The New New Particle

George Johnson and Matt Ridley

The New New Particle

George Johnson and Matt Ridley

The New New Particle
An email conversation about the news of the day.
June 15 2000 10:10 AM

George Johnson and Matt Ridley

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Dear Matt,

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Here in the West, the equivalent of crop circles is cattle mutilations, which are inevitably described as having been done with "surgical precision," the implication being that the cause must be unnatural--a cult at the very least but preferably aliens. It's funny how easily we assume that any kind of pattern must have intelligence behind it. That, of course, is the driving instinct behind Creationism. We forget all the beautiful patterns that emerge spontaneously in nature. But superstition also arises when the mind, abhorring randomness, sees pattern that isn't really there, pictures in the clouds.

While I was downtown yesterday afternoon, I checked to see if the new Scientific American was out. Not in Santa Fe, anyway, but I see there is a preview on the Web. Coincidentally (or else the editors are reading our brains with tachyon beams), the July issue is a macrocosm of what we've been talking about. Remember the notched-stick parable about the gargantuan decoding task science will face when the human genome is completely printed out? It seems that a potential $2 billion "bioinformatics gold rush" is already afoot, with companies springing up to design software to mine the data. (I was glad to read in a piece by Ed Regis in the June issue of Wired that Santa Fe--he calls it the "Info Mesa"--is emerging as one of the bioinformatics centers. This sounds a lot less messy than uranium mining, which was billed as New Mexico's big hope back before the American nuclear power industry was derailed by radiation fear.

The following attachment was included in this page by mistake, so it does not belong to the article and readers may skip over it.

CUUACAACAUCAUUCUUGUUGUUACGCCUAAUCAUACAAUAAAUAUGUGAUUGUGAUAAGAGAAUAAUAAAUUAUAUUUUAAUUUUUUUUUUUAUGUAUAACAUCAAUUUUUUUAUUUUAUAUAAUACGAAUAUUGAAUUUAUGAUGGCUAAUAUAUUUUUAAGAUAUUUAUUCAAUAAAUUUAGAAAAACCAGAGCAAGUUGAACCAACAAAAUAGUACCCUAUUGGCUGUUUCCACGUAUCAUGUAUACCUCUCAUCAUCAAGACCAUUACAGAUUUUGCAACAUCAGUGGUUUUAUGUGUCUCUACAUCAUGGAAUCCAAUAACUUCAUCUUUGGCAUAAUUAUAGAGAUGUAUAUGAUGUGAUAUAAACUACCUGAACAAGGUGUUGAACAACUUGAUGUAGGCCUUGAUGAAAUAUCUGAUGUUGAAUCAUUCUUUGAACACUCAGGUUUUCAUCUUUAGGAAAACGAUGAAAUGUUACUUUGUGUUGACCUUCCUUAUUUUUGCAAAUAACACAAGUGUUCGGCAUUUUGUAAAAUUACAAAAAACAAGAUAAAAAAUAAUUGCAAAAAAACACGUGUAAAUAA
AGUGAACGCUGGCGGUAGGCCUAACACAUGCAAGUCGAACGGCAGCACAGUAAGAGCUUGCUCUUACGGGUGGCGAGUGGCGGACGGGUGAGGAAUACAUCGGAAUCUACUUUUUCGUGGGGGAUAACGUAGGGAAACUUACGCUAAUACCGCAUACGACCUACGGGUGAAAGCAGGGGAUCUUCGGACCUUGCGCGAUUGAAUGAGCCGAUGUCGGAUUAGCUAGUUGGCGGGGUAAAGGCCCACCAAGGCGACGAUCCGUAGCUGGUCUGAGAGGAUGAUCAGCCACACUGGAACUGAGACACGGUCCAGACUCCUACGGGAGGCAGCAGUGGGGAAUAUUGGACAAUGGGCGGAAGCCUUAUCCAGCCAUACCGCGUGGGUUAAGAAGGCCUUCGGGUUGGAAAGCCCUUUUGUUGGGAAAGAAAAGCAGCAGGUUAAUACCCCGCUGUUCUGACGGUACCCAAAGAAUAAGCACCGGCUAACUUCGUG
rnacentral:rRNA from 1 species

Scientific American also has a piece by Chris Llewellyn Smith, former director-general of CERN (what a title! I imagine him with medals and epaulets). It's about the lab's soon-to-debut Large Hadron Collider. When this biggest of all accelerators is complete, it will renew the search for those Higgs bosons you mentioned. (One of the rules of the game is that when you can't find a particle the theorists really need, you declare that it's too massive to create in existing accelerators. Then you seek money for a bigger one.) The Higgs is supposed to flit about like Tinkerbell bestowing all the particles in the universe with their various masses. Of course, there's always the possibility it will turn out to be a mathematical phantasm, as illusory as crop circles.

George